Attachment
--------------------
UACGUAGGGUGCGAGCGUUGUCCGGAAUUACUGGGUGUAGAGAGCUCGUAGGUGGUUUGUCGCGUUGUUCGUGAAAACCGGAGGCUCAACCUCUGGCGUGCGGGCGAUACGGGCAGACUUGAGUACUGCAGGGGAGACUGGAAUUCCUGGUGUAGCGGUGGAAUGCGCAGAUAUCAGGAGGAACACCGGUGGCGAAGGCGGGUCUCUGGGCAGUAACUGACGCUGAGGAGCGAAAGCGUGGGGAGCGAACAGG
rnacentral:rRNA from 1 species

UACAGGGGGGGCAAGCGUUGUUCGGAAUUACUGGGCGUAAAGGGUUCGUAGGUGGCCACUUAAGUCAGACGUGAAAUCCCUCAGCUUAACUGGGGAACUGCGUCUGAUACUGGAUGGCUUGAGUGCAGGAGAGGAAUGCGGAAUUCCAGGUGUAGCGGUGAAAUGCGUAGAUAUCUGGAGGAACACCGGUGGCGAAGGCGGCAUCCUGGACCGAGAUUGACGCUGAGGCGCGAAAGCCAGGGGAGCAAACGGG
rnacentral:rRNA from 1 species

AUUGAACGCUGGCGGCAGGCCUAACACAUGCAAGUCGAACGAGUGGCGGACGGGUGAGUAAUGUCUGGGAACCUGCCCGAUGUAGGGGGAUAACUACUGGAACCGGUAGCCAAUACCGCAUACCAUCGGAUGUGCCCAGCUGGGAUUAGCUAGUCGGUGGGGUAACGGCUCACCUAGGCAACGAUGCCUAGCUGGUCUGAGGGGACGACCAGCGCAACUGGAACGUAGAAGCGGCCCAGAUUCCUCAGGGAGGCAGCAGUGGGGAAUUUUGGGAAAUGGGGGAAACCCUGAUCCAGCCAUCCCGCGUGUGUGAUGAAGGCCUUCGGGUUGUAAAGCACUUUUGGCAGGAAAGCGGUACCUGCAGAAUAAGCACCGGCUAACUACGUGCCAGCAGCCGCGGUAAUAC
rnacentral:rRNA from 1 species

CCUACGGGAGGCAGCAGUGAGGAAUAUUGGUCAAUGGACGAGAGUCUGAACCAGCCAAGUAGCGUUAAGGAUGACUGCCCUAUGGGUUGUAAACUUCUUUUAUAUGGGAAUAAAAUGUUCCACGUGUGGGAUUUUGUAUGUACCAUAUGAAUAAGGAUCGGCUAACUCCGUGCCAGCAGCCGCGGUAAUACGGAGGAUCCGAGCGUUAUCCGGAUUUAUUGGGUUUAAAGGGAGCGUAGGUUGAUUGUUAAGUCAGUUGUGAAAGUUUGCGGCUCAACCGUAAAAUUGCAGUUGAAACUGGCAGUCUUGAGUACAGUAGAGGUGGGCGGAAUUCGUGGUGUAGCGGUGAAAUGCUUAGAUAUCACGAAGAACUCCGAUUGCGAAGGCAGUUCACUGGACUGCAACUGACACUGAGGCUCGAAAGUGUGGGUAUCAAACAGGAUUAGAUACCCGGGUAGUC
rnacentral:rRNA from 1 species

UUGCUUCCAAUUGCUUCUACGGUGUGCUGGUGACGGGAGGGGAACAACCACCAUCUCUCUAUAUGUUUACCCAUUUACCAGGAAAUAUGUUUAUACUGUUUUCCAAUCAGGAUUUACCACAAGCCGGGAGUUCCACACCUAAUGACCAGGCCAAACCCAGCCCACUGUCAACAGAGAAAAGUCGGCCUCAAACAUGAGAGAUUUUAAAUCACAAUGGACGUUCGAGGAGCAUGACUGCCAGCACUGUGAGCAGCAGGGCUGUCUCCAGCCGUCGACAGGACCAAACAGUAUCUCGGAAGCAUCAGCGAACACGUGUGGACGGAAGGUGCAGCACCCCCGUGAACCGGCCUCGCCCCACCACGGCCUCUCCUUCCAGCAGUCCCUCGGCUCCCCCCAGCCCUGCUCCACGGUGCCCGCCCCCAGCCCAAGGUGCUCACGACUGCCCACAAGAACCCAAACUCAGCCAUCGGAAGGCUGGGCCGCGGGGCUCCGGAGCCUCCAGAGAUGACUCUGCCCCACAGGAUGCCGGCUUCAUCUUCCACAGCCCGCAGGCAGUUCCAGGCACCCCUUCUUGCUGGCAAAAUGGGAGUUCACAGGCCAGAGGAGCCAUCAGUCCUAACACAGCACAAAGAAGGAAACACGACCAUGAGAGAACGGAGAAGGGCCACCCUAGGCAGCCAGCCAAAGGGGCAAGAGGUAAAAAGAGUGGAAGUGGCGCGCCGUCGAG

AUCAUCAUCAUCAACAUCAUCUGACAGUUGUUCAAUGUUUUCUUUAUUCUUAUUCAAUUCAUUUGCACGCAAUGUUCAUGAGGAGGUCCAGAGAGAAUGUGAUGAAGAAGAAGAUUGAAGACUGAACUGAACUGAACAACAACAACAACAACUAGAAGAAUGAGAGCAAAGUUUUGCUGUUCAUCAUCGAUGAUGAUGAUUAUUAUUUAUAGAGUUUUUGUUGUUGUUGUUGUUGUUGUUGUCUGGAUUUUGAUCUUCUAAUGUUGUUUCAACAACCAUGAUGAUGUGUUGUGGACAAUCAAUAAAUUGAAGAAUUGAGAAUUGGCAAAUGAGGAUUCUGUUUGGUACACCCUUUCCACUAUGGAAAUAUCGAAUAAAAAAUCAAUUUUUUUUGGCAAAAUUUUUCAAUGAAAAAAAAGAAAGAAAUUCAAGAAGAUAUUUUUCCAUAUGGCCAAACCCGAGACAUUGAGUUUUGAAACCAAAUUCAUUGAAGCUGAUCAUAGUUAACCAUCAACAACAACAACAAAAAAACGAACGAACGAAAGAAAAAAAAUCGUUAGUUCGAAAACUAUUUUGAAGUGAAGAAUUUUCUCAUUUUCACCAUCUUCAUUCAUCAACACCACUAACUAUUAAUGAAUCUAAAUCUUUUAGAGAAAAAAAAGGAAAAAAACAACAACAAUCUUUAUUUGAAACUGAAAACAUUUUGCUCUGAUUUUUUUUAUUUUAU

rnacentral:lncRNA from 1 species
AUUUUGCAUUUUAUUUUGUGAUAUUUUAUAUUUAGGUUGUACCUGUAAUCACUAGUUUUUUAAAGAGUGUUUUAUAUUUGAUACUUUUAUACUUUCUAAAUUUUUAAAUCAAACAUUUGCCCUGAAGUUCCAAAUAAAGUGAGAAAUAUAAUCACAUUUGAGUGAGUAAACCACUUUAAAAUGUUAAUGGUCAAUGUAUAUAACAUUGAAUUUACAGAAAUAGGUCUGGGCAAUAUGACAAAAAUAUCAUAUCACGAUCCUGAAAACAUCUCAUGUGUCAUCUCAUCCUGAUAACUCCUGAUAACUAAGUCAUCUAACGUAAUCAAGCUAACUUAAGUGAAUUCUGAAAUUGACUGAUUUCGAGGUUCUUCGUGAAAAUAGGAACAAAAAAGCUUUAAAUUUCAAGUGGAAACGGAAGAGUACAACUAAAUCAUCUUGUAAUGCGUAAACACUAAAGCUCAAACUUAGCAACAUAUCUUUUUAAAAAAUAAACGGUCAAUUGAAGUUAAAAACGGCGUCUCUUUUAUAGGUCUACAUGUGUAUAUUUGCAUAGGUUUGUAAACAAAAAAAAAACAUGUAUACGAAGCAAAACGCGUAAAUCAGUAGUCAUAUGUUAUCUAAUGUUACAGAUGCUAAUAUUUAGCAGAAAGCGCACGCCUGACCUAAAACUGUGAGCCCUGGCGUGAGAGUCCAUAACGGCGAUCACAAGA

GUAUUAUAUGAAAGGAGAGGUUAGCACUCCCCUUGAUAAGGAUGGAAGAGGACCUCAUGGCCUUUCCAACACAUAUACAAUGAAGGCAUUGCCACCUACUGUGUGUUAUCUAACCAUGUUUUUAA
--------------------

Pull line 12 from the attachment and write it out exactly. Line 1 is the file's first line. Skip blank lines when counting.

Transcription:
AUUUUGCAUUUUAUUUUGUGAUAUUUUAUAUUUAGGUUGUACCUGUAAUCACUAGUUUUUUAAAGAGUGUUUUAUAUUUGAUACUUUUAUACUUUCUAAAUUUUUAAAUCAAACAUUUGCCCUGAAGUUCCAAAUAAAGUGAGAAAUAUAAUCACAUUUGAGUGAGUAAACCACUUUAAAAUGUUAAUGGUCAAUGUAUAUAACAUUGAAUUUACAGAAAUAGGUCUGGGCAAUAUGACAAAAAUAUCAUAUCACGAUCCUGAAAACAUCUCAUGUGUCAUCUCAUCCUGAUAACUCCUGAUAACUAAGUCAUCUAACGUAAUCAAGCUAACUUAAGUGAAUUCUGAAAUUGACUGAUUUCGAGGUUCUUCGUGAAAAUAGGAACAAAAAAGCUUUAAAUUUCAAGUGGAAACGGAAGAGUACAACUAAAUCAUCUUGUAAUGCGUAAACACUAAAGCUCAAACUUAGCAACAUAUCUUUUUAAAAAAUAAACGGUCAAUUGAAGUUAAAAACGGCGUCUCUUUUAUAGGUCUACAUGUGUAUAUUUGCAUAGGUUUGUAAACAAAAAAAAAACAUGUAUACGAAGCAAAACGCGUAAAUCAGUAGUCAUAUGUUAUCUAAUGUUACAGAUGCUAAUAUUUAGCAGAAAGCGCACGCCUGACCUAAAACUGUGAGCCCUGGCGUGAGAGUCCAUAACGGCGAUCACAAGA